Watching TV in a new language can help you reinforce your language learning in a fun way. Hearing and seeing vocabulary and grammar in action can help you remember it better so you can start using it yourself! Here are tips and tricks for achieving your language learning goals by watching movies and TV.

How to use movies and TV shows to learn a new language

Learning from TV is all about your audio and subtitles settings: You'll tweak these in different combinations to focus more on reading or listening, or to manage the difficulty level. No matter which setup you choose, be sure to pay attention to your target language when you're watching!

Build reading skills [Rating: easy]

Audio: in your own language (e.g. English)

Subtitles: in the language you’re learning (e.g. Spanish)

How it works: This setup is great for beginners who are learning how to express thoughts in the target language. Because the audio's in your own language, this setup makes it easier to follow what's happening in the show while giving you a chance to boost your vocabulary.

Pro tip: Look out for any familiar words or expressions in the subtitles! You might be surprised by how much you already know.

Improve listening skills [Rating: medium-to-hard]

Audio: in the language you’re learning (e.g. Spanish)

Subtitles: in your own language (e.g. English)

How it works: This setup is great for beginners and intermediate learners too, because it gives you easier listening practice, especially with identifying individual words within a longer stream of audio. With subtitles in your own language, it should be fairly easy to follow the show.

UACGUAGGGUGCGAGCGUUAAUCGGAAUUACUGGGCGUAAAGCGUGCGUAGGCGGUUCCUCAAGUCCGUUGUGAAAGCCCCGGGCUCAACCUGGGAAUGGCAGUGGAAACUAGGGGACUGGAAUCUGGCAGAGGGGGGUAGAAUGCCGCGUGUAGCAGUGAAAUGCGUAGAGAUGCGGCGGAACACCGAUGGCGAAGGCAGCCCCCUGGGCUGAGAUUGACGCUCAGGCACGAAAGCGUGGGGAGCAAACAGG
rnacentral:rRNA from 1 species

Pro tip: For a challenge, see how much you can understand without checking the subtitles, like when you run to the kitchen for a snack and can only hear the audio!

Illustration of Duolingo character Junior walking with a huge bucket of popcorn. The popcorn is overflowing and his cheeks look full, like he's stuffed full of popcorn.

Immerse yourself [Rating: hard]

Audio: in the language you’re learning (e.g. Spanish)

Subtitles: also in the language you’re learning! (e.g. Spanish)

How it works: With this setup, you'll learn to match what you hear with what you read. This combination is great for advanced learners, and it's a good challenge for intermediate learners, too. You may not understand the show as thoroughly with this setup, but you've got the visuals of what's happening on screen to help you out, too!

Pro tip: Sometimes subtitles don't match the audio word-for-word, so don't doubt your listening skills if that happens! Instead, think of it as getting 2 expressions for the price of 1. 😅

Watch like a local [Rating: even harder!]

Audio: in the language you’re learning (e.g. Spanish)

Subtitles: None (!!)

How it works: This option works well for advanced learners, those up for a challenge, *and* those already familiar with the show! So if you're looking for an excuse to binge-watch an old favorite, this would be an especially fun choice.

Pro tip: Facial expressions and gestures can help you fill in the gaps if you don't understand every word! This option is easiest when watching something you're already familiar with, but use any context you can to help support your language learning.

Study 2 languages at once [Rating: 🚨]

Audio: in the language you’re learning (e.g. Spanish)

Subtitles: in *another* language you're learning! (e.g. French)

How it works: Advanced learners—and those hungry for a challenge—will be suppressing their own language and working on turning up the "volume" of other languages in their brain. This setup is also great for noticing what is similar or different across languages: You might notice words that are cognates or that expressions translate differently.